A Minute With: Colin Farrell on his "Fright Night"

Wed Aug 17, 2011 5:07am EDT
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By Iain Blair

LOS ANGELES (Reuters) - For years, Colin Farrell's reputation as a party boy preceded him, but now he seems to have channeled his wild impulses into inspired performances in films such as "Horrible Bosses," "In Bruges" and "The Way Back."

In his new movie "Fright Night," a 3D update of the 1985 comedy cult favorite, Farrell stars as Jerry, a sinister vampire who moves in next door to a naive high school student played by Anton Yelchin and his mother, played by Toni Collette.

The Dublin-born actor spoke to Reuters about making the film, playing a vampire and why audiences love to be scared.

Q: You just played a horrible boss and now a vampire that must be fun for an actor to do such varied parts back-to-back?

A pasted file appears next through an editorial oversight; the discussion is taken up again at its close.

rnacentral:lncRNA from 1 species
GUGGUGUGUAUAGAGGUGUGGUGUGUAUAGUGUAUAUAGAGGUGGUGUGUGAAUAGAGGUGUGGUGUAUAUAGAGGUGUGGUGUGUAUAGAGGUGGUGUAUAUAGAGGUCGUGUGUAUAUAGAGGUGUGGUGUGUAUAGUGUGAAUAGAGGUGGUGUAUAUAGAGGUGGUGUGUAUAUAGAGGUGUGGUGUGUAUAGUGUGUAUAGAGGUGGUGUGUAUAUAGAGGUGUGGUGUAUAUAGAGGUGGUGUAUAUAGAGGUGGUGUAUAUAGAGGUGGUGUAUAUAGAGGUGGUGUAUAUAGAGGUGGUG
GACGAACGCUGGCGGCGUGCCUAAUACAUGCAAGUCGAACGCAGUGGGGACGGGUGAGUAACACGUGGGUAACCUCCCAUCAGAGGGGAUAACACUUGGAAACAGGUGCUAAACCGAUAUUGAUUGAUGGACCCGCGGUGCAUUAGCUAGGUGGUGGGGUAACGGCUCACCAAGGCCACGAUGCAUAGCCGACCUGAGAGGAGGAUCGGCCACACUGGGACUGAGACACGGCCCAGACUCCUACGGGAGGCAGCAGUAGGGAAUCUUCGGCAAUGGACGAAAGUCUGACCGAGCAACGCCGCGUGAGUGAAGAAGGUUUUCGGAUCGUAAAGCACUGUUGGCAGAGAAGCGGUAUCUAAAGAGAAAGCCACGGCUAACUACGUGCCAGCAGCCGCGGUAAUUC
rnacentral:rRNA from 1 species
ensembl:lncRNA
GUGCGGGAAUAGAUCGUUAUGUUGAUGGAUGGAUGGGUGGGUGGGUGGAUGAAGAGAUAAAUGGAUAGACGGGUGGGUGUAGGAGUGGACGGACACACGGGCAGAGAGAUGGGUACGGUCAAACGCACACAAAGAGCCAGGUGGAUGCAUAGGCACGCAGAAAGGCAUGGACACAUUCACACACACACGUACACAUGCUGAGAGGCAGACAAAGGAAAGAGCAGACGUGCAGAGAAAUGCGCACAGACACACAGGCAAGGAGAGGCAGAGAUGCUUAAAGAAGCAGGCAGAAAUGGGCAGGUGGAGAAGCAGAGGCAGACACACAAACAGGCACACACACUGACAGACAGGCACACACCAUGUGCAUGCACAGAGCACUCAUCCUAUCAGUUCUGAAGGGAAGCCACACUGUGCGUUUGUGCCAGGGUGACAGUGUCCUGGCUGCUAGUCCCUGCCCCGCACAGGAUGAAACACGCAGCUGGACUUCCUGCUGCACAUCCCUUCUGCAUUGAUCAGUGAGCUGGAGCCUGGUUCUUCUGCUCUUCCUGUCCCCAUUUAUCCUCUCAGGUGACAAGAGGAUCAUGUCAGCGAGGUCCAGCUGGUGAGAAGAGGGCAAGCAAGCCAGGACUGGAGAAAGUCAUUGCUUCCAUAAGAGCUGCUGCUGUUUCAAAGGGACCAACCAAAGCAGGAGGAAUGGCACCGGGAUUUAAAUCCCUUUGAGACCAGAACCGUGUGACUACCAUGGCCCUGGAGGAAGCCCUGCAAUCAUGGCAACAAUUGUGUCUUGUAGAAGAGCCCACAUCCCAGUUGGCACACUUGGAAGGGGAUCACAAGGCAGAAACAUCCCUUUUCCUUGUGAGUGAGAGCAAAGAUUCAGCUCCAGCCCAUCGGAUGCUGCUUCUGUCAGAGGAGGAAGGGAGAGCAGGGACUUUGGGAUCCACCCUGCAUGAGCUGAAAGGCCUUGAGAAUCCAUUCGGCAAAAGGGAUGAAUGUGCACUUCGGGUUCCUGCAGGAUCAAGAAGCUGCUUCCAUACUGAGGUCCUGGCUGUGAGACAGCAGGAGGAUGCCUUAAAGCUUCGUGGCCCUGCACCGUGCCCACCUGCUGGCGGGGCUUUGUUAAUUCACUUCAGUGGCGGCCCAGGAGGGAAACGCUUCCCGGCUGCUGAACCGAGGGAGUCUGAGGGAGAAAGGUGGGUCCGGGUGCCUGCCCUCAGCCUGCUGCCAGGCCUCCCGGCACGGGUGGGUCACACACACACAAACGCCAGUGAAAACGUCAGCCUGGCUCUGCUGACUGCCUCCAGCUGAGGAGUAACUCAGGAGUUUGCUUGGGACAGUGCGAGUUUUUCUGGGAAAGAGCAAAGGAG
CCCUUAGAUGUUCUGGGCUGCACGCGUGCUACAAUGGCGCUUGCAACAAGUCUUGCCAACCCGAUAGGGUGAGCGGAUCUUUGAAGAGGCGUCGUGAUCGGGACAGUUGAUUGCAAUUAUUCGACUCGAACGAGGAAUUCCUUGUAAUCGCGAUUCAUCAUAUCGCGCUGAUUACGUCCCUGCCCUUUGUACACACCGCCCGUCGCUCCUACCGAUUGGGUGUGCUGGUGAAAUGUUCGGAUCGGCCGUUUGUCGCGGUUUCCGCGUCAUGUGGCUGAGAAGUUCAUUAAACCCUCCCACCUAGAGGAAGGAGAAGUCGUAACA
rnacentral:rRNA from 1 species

A: "Yeah, but it's a shorter road between the two than you might imagine -- two fun characters. I felt like I'd had four or five years where I'd done more dramatic pieces and played characters that weren't really having a good time in their lives for a variety of reasons, and I'd wanted to do something lighter. Then these two films came along and it was happy days -- time to go and play."

Q: But didn't they have to persuade you to do this?

A: "I was dubious at first. I loved the original and you like to think of yourself as mixing things up and being a bit original -- and this is a remake of a vampire film in 3D. That's kind of three for three in unoriginality.

"But I felt I was in good hands with (director) Craig Gillespie who did "Lars and the Real Girl." I was a big fan of that, and I just loved the script. I didn't want to like it, but it was a blast of a read. And playing the villain was great, although I think my character's more on the periphery than he was in the original, and there's more attention paid to Anton's journey from boyhood to manhood."   Continued...

<p>Cast member Colin Farrell attends a news conference for "Ondine" during the 34th Toronto International Film Festival on September 15, 2009. REUTERS/Mario Anzuoni</p>